Originally published on Wed November 6, 2013 3:34 pm
This is the final report in a four-part series on adult education.
Low literacy rates for adults can have wide-ranging effects on those around them. They may rely more heavily on government services; their children may not get that extra hand with schoolwork; their families may not get sufficient financial support.
But for the millions of adults with low literacy, the ability to read, write and speak English might offer them the most important opportunity of all: a chance to emerge from the shadows and participate as equals in society.
A new billboard in the nation's capital is stirring some controversy. It tells jury members to forget the law and vote their conscience. It reads - "Jury duty? Know your rights. Good jurors nullify bad laws." And it's caught the attention of prosecutors, not surprisingly. The group behind the ads is called the Fully Informed Jury Association. It says jurors should acquit defendants if they disagree with the law, even if all evidence points towards a guilty verdict.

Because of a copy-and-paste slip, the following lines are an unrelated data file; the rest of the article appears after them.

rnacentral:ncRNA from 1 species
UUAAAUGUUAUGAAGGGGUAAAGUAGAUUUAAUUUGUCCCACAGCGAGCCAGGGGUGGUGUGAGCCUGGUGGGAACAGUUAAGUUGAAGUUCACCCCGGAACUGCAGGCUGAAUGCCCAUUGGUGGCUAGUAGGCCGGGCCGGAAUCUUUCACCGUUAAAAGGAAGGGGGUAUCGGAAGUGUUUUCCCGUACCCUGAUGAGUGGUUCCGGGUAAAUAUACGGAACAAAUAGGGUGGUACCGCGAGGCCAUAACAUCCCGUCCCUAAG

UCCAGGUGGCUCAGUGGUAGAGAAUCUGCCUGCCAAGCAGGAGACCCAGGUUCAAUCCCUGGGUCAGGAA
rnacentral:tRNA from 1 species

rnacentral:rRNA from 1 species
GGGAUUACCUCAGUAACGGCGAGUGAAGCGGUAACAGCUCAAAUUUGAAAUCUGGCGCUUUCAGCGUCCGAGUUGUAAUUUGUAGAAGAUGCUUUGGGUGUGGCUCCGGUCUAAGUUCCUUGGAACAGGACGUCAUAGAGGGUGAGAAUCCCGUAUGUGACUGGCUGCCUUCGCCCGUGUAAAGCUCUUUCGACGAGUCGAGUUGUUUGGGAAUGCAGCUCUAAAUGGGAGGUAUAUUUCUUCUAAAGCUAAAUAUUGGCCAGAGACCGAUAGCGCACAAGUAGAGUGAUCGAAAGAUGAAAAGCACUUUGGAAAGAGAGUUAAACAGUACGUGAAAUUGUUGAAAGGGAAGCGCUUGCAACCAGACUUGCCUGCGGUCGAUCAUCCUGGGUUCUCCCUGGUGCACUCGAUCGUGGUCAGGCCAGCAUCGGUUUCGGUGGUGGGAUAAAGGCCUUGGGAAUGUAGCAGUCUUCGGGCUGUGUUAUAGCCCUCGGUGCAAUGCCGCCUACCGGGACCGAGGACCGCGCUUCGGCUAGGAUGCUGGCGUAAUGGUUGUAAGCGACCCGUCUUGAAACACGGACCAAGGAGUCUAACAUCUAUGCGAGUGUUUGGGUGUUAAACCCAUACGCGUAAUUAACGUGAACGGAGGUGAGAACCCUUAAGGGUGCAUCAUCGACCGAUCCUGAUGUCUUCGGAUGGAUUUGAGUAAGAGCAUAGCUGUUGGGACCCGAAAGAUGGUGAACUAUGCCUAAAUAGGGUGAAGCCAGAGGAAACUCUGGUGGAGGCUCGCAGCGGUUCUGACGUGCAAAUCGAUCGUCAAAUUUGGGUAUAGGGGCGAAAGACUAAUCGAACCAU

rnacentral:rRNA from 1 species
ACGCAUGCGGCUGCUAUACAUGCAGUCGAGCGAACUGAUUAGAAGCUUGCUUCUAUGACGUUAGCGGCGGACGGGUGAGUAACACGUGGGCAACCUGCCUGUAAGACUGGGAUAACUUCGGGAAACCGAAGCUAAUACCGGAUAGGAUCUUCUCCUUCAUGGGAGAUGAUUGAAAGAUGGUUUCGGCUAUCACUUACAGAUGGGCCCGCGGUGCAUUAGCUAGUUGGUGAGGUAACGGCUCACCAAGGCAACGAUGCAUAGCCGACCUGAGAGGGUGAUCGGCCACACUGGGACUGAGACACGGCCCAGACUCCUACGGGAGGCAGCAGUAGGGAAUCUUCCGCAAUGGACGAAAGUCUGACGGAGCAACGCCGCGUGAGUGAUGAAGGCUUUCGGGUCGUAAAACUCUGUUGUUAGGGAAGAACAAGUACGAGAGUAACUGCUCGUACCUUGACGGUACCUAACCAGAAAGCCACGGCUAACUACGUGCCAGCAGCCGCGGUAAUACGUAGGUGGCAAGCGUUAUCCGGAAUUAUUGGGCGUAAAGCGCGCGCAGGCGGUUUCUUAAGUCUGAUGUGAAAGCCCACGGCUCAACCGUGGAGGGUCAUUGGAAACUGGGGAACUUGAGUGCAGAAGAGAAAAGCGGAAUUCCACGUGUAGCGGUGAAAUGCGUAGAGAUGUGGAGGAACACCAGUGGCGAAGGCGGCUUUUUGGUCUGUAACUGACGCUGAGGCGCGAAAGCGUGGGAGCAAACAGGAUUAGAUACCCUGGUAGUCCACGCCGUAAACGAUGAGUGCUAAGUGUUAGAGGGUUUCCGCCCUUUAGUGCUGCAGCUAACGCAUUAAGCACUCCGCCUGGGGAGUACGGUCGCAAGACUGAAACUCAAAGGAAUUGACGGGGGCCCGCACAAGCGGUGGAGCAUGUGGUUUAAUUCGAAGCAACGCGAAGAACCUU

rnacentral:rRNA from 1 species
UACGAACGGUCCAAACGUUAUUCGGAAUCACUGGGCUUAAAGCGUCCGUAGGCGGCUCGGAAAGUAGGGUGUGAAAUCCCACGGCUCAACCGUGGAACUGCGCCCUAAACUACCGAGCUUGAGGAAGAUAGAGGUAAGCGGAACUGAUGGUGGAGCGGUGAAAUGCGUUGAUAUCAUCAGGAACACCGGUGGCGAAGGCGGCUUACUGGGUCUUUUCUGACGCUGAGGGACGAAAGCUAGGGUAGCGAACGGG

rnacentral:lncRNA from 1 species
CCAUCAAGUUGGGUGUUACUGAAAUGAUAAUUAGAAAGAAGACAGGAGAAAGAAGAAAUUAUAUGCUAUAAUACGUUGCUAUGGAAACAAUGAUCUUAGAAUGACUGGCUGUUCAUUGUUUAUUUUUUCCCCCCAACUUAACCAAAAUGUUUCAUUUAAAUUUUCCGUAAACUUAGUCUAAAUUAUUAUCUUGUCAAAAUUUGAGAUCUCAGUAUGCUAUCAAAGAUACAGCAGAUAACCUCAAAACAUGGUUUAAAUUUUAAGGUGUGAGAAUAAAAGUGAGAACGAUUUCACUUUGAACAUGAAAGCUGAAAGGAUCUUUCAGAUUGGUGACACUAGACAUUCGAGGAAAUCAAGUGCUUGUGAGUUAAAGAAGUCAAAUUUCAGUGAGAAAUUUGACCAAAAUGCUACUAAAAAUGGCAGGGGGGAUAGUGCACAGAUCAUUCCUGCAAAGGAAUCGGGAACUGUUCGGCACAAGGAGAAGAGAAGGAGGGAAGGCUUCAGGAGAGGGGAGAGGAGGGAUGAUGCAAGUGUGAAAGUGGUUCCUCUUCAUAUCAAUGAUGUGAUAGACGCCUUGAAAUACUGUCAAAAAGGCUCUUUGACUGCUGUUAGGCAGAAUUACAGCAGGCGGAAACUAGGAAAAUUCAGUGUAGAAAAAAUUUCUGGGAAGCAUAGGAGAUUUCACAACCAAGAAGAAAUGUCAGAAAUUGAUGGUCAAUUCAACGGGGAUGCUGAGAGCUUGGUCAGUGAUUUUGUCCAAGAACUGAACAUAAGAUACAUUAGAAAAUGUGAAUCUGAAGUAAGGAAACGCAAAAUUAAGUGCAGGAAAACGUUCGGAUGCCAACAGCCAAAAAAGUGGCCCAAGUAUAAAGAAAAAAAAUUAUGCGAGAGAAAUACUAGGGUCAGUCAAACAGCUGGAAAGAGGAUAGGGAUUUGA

This is TELL ME MORE from NPR News. I'm Celeste Headlee. Michel Martin is away. Coming up, activists in Washington, D.C. are asking jury members to vote their conscience not the law. We'll ask why some people think jury nullification is the only way for minorities to get a fair day in court. That's in just a few minutes.
This is TELL ME MORE from NPR News. I'm Celeste Headlee. Michel Martin is away. Coming up, we'll get an update on the humanitarian crisis in Syria. But first, we turn to an issue that affects one out of every seven humans in America, the Supplemental Nutrition Assistance Program - SNAP. Back in 2009, in the depths of the recession, President Obama increased SNAP benefits using stimulus funds, but the temporary increase expired this past Friday.
Four men in Nairobi, Kenya, are facing charges that include harboring terrorists who conducted an attack that left at least 67 people dead in September. The formal charges are the first filed over the assault and standoff at Nairobi's Westgate Mall.
One of the men is accused of offering refuge to a gunman after the attack, according to court documents cited in Kenyan media. Authorities say others allowed the attackers to stay at their homes before the attack. At least one of them also faces charges related to false identification documents.